Why are there no peace correspondents?
War correspondents are omnipresent on cable news networks—in fact, they're the superstars of TV journalism. Anchors are just a pretty face, perched on swivel chairs and shuffling papers on top of laminate countertops. The war correspondent, however, plays the role of the beautiful, disheveled hero brazenly sending dispatches from a conflict zone.
Compare Anderson Cooper, the fluffy daytime television show host, to Anderson Cooper, reporting live from Kandahar—rolled-up sleeves, wind-swept hair, bombs literally detonating behind him. One of these two versions of Anderson made himself into a superstar — and it's not the one in front of a studio audience, discussing the finer points of “Real Housewives.”
But why are there no peace correspondents? Why can't that superstardom, sex appeal, heroism, and daring reportage focus itself on something more strange, beautiful, and interesting than war— the lack of it?
It's a question that I've been pondering in light of the tenth anniversary of the Iraq War. And I can't help but feel that were the media as dedicated to reporting on peace activism, reconciliation and concord as diligently as they covered the Battle of Fallujah and Operation Shock and Awe, things today would be different.
What strikes me about the anniversary of the Iraq War is that it has been downplayed to hell by the media, a stark contrast to the utter genuflection reserved for the tenth anniversary of 9/11. I suppose that remembrance of one terrible morning of terrorism on American soil is much less complicated than processing ten terrible years of devastating bloodshed abroad. But I also think that the media has not made a fuss because of its complicity; everyone knows that it was less of a fourth estate, and more of a cheerleader.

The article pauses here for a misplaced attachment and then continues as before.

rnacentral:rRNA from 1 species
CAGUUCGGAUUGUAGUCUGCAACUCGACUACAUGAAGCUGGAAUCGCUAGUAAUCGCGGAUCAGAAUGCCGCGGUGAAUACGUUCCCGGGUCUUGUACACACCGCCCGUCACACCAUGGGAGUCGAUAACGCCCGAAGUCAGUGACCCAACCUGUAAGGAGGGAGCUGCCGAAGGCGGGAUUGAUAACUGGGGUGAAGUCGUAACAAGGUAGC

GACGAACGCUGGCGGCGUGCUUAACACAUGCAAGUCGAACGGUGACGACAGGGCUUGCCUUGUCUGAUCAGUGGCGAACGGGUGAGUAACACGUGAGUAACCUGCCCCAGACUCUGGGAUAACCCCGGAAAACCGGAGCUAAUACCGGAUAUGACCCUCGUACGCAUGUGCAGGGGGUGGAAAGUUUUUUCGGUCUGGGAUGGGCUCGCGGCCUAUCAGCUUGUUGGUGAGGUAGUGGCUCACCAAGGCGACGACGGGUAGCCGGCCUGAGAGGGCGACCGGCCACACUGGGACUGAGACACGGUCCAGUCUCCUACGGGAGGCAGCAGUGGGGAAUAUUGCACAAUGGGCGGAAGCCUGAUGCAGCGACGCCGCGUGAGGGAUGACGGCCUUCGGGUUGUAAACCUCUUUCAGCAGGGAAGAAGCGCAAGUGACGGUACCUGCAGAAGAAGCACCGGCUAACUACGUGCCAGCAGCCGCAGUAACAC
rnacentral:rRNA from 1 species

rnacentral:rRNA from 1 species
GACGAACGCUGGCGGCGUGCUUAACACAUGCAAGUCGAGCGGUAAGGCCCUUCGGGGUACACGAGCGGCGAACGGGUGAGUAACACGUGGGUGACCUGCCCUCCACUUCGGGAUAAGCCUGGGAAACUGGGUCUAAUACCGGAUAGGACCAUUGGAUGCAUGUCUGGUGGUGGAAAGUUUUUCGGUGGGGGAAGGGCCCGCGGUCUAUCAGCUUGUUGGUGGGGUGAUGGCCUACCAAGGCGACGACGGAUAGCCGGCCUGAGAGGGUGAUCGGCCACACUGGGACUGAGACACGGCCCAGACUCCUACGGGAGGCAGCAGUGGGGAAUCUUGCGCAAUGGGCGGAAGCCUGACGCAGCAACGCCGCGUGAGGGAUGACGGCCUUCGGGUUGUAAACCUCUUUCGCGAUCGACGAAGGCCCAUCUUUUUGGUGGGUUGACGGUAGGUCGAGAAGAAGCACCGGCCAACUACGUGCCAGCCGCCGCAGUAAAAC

But the media is making another mistake now, by sheepishly look over its shoulder at its errors and then traipsing along as normal. What it needs to do is ask: What can we do differently so that this doesn't happen again?
The answer is adherence to a basic journalistic principle: balance. When war breaks out, the media combusts with enthusiastic and dazzling reportage. But doing so is inherently imbalanced, unless you complement that war journalism with reportage at the same fever pitch for war's foil: peace.
We need peace correspondents—Anderson Coopers that update the public on the status of peace, with as much passion, panache and gravity as they update us on the status of our wars.
We need fewer interviews with five-star military generals on Sunday Morning talk shows, and more interviews with the Mareid Maguires, Leymah Gbowees, and other unsung heros who advocate for concord over conflict.
We need journalists embedded with organizations with Women for Afghan Women, the Free Gaza movement, and Code Pink in addition to U.S. Military units.
When wartime is over, we need reporters to send dispatches from the field, showing what it's like to have families whole and together, lives restored, and money spent on more fruitful endeavors than bloodshed—and how all those gains can all so quickly disappear, as they did ten years ago.
Maybe this is a pipe dream. But if we want things to change, the media needs to take a step back and look a hard look at how it broadcasts war—and the role it plays in perpetuating the bloody course of history.
Erik Lorenzsonn is an editorial intern at The Progressive.